An Easy Introduction to Gasoline Prices

Michael Giberson

The Consumerist seeks to answer the recurring question, “Why Is Gas So Freakin’ Expensive?” We could quibble with bits and pieces of the story they offer, but overall it is a solid introduction to the economics of gasoline prices. Easy enough for an interested high-schooler, or perhaps a conversation starter for your freshman economics class.

The Consumerist offers up a counter-intuitive twist that suggests politicians have it all wrong if they want to look for price gouging when prices are rising:

Despite popular misconceptions, price gouging almost never occurs as prices rise. Instead, price gouging occurs when dealers keep prices artificially high in order to gain a little extra profit or recoup costs, even though the [wholesale gasoline] price has declined.

Actually, as long time KP readers know, dealer margins do tend to improve when prices are dropping. In an October 2005 posting I quoted from an Associated Press story (story no longer online):

When pump prices skyrocketed after Hurricane Katrina, gasoline retailers were caught in an uncomfortable paradox — they were accused of gouging at the same time their profits were being squeezed by runaway costs at the wholesale level.

Now the reverse is true. The outrage from consumers and Congress has died down just as gas stations around the country are reaping some of their best returns at the pump in years by passing along huge savings at the wholesale level as slowly as possible.

The problem isn’t that the dealer suddenly decides to “gain a little extra profit” or “recoup costs” — after all, dealers are almost always trying to cover costs and find extra profit. Instead, consumers are to blame. As I wrote back in October 2005, with links to the relevant research: “When retail gasoline prices are rising, consumers search harder for the best price; when prices are falling, consumers ease up on search.”

(Consumerist link found via Freakonomics.)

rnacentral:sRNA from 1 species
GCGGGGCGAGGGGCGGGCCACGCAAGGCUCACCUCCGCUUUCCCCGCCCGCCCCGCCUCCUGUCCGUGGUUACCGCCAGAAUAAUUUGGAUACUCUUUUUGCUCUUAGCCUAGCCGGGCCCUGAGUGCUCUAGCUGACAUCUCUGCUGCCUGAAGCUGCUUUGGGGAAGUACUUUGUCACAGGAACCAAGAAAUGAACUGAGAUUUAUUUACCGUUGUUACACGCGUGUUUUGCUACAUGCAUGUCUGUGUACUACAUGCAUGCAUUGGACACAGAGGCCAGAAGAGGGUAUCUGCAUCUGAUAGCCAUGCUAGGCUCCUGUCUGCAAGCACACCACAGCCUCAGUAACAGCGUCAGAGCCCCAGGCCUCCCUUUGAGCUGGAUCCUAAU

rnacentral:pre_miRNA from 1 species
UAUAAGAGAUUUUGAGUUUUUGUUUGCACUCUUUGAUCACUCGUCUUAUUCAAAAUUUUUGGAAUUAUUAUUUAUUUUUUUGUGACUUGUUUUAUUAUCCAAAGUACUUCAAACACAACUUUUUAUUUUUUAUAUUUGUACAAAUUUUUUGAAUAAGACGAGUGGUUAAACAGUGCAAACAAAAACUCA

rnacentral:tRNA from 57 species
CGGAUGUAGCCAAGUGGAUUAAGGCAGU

2 thoughts on “An Easy Introduction to Gasoline Prices

  1. Mike,

    “Instead, price gouging occurs when dealers keep prices artificially high in order to gain a little extra profit or recoup costs, even though the [wholesale gasoline] price has declined.”

    “Gouging”, however defined, is hardly consistent with gaining “a little extra profit”, no less trying to “recoup costs” not recovered when prices were rising.

    I am still waiting for the economists’ DEFINITION of price gouging. In fact, I am still waiting for the politicians’ DEFINITION of price gouging.

    The closest thing I can think of to my understanding of what would constitute “price gouging” is the price the US federal government charges to provide the services enumerated for it in the Constitution. One might also argue that the provision of federal government services is a classic case of “bundling” far more egregious than including Internet Explorer in Windows.

  2. Mike,

    “Instead, price gouging occurs when dealers keep prices artificially high in order to gain a little extra profit or recoup costs, even though the [wholesale gasoline] price has declined.”

    “Gouging”, however defined, is hardly consistent with gaining “a little extra profit”, no less trying to “recoup costs” not recovered when prices were rising.

    I am still waiting for the economists’ DEFINITION of price gouging. In fact, I am still waiting for the politicians’ DEFINITION of price gouging.

    The closest thing I can think of to my understanding of what would constitute “price gouging” is the price the US federal government charges to provide the services enumerated for it in the Constitution. One might also argue that the provision of federal government services is a classic case of “bundling” far more egregious than including Internet Explorer in Windows.

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